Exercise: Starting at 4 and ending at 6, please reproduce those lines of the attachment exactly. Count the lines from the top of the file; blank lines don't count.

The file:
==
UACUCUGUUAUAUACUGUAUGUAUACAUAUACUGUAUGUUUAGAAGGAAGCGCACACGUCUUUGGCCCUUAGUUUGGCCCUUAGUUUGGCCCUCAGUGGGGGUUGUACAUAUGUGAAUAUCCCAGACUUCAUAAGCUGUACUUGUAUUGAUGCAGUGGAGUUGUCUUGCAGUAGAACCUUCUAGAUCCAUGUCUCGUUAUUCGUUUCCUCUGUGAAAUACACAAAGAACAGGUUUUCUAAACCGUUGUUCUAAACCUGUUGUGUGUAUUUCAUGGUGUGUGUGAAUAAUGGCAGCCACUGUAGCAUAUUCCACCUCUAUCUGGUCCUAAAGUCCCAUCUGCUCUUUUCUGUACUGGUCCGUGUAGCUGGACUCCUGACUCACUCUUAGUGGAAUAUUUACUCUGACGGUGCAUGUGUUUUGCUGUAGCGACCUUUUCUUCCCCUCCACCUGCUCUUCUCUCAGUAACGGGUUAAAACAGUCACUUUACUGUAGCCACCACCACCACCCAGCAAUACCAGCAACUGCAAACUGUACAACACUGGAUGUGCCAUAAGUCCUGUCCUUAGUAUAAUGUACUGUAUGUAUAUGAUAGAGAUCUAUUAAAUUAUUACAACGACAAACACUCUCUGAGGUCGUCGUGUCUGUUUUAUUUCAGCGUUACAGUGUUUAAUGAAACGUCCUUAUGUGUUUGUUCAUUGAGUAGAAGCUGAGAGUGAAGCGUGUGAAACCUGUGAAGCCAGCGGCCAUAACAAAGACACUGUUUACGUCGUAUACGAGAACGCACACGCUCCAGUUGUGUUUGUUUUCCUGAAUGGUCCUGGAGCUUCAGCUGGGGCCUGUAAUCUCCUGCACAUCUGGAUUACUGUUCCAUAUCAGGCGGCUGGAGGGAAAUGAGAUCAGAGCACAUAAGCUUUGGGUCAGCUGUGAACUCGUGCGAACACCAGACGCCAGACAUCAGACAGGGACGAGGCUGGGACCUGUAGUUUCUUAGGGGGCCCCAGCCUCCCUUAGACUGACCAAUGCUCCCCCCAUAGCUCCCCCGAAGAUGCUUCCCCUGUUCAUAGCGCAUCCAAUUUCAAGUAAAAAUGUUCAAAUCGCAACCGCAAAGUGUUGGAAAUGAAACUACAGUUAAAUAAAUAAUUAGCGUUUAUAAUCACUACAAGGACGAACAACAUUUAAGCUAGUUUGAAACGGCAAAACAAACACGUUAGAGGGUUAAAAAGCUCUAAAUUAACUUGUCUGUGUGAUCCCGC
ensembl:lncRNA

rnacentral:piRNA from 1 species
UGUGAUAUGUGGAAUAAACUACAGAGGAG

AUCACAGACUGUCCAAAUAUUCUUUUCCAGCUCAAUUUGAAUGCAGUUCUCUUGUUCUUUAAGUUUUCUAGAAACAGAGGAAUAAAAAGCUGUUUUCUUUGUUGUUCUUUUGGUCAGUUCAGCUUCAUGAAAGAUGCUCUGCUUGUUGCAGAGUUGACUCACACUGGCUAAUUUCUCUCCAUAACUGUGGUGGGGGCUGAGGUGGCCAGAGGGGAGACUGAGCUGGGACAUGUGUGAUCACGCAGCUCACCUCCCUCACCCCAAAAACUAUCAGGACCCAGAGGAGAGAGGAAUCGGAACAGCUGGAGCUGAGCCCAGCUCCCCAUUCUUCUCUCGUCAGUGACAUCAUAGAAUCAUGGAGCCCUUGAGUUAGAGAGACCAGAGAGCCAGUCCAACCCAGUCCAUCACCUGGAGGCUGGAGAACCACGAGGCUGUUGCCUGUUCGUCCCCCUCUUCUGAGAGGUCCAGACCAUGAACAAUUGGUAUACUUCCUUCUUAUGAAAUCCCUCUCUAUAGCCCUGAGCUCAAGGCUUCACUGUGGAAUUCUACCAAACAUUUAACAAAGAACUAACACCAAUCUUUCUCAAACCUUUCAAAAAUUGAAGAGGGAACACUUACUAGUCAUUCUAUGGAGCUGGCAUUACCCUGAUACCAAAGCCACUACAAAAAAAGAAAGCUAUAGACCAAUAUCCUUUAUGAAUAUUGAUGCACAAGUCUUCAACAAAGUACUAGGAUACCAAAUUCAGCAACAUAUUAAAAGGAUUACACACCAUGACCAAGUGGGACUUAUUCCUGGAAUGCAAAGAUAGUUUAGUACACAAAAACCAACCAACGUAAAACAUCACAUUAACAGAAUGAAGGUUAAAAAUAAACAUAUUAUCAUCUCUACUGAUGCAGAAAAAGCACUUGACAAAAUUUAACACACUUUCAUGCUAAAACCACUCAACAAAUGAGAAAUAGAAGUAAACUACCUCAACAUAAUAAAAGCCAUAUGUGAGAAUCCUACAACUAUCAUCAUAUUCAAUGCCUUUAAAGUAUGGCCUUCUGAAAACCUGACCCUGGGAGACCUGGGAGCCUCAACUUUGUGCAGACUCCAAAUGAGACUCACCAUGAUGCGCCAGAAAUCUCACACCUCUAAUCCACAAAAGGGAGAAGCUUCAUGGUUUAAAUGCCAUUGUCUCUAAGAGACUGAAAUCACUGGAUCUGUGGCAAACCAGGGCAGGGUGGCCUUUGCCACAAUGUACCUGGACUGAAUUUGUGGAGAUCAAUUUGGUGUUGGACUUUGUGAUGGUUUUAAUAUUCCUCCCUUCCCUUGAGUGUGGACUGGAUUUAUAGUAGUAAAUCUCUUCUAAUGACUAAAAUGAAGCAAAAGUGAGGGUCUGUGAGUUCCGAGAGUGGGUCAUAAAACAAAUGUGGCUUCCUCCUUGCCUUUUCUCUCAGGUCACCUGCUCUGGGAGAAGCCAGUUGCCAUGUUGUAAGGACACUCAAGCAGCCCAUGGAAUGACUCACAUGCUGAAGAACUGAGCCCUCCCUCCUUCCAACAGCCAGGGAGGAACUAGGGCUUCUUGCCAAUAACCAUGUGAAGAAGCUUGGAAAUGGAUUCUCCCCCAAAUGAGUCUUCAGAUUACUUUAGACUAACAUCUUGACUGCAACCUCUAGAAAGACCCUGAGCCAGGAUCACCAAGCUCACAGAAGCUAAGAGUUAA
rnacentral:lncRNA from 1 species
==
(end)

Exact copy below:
UGUGAUAUGUGGAAUAAACUACAGAGGAG

AUCACAGACUGUCCAAAUAUUCUUUUCCAGCUCAAUUUGAAUGCAGUUCUCUUGUUCUUUAAGUUUUCUAGAAACAGAGGAAUAAAAAGCUGUUUUCUUUGUUGUUCUUUUGGUCAGUUCAGCUUCAUGAAAGAUGCUCUGCUUGUUGCAGAGUUGACUCACACUGGCUAAUUUCUCUCCAUAACUGUGGUGGGGGCUGAGGUGGCCAGAGGGGAGACUGAGCUGGGACAUGUGUGAUCACGCAGCUCACCUCCCUCACCCCAAAAACUAUCAGGACCCAGAGGAGAGAGGAAUCGGAACAGCUGGAGCUGAGCCCAGCUCCCCAUUCUUCUCUCGUCAGUGACAUCAUAGAAUCAUGGAGCCCUUGAGUUAGAGAGACCAGAGAGCCAGUCCAACCCAGUCCAUCACCUGGAGGCUGGAGAACCACGAGGCUGUUGCCUGUUCGUCCCCCUCUUCUGAGAGGUCCAGACCAUGAACAAUUGGUAUACUUCCUUCUUAUGAAAUCCCUCUCUAUAGCCCUGAGCUCAAGGCUUCACUGUGGAAUUCUACCAAACAUUUAACAAAGAACUAACACCAAUCUUUCUCAAACCUUUCAAAAAUUGAAGAGGGAACACUUACUAGUCAUUCUAUGGAGCUGGCAUUACCCUGAUACCAAAGCCACUACAAAAAAAGAAAGCUAUAGACCAAUAUCCUUUAUGAAUAUUGAUGCACAAGUCUUCAACAAAGUACUAGGAUACCAAAUUCAGCAACAUAUUAAAAGGAUUACACACCAUGACCAAGUGGGACUUAUUCCUGGAAUGCAAAGAUAGUUUAGUACACAAAAACCAACCAACGUAAAACAUCACAUUAACAGAAUGAAGGUUAAAAAUAAACAUAUUAUCAUCUCUACUGAUGCAGAAAAAGCACUUGACAAAAUUUAACACACUUUCAUGCUAAAACCACUCAACAAAUGAGAAAUAGAAGUAAACUACCUCAACAUAAUAAAAGCCAUAUGUGAGAAUCCUACAACUAUCAUCAUAUUCAAUGCCUUUAAAGUAUGGCCUUCUGAAAACCUGACCCUGGGAGACCUGGGAGCCUCAACUUUGUGCAGACUCCAAAUGAGACUCACCAUGAUGCGCCAGAAAUCUCACACCUCUAAUCCACAAAAGGGAGAAGCUUCAUGGUUUAAAUGCCAUUGUCUCUAAGAGACUGAAAUCACUGGAUCUGUGGCAAACCAGGGCAGGGUGGCCUUUGCCACAAUGUACCUGGACUGAAUUUGUGGAGAUCAAUUUGGUGUUGGACUUUGUGAUGGUUUUAAUAUUCCUCCCUUCCCUUGAGUGUGGACUGGAUUUAUAGUAGUAAAUCUCUUCUAAUGACUAAAAUGAAGCAAAAGUGAGGGUCUGUGAGUUCCGAGAGUGGGUCAUAAAACAAAUGUGGCUUCCUCCUUGCCUUUUCUCUCAGGUCACCUGCUCUGGGAGAAGCCAGUUGCCAUGUUGUAAGGACACUCAAGCAGCCCAUGGAAUGACUCACAUGCUGAAGAACUGAGCCCUCCCUCCUUCCAACAGCCAGGGAGGAACUAGGGCUUCUUGCCAAUAACCAUGUGAAGAAGCUUGGAAAUGGAUUCUCCCCCAAAUGAGUCUUCAGAUUACUUUAGACUAACAUCUUGACUGCAACCUCUAGAAAGACCCUGAGCCAGGAUCACCAAGCUCACAGAAGCUAAGAGUUAA
rnacentral:lncRNA from 1 species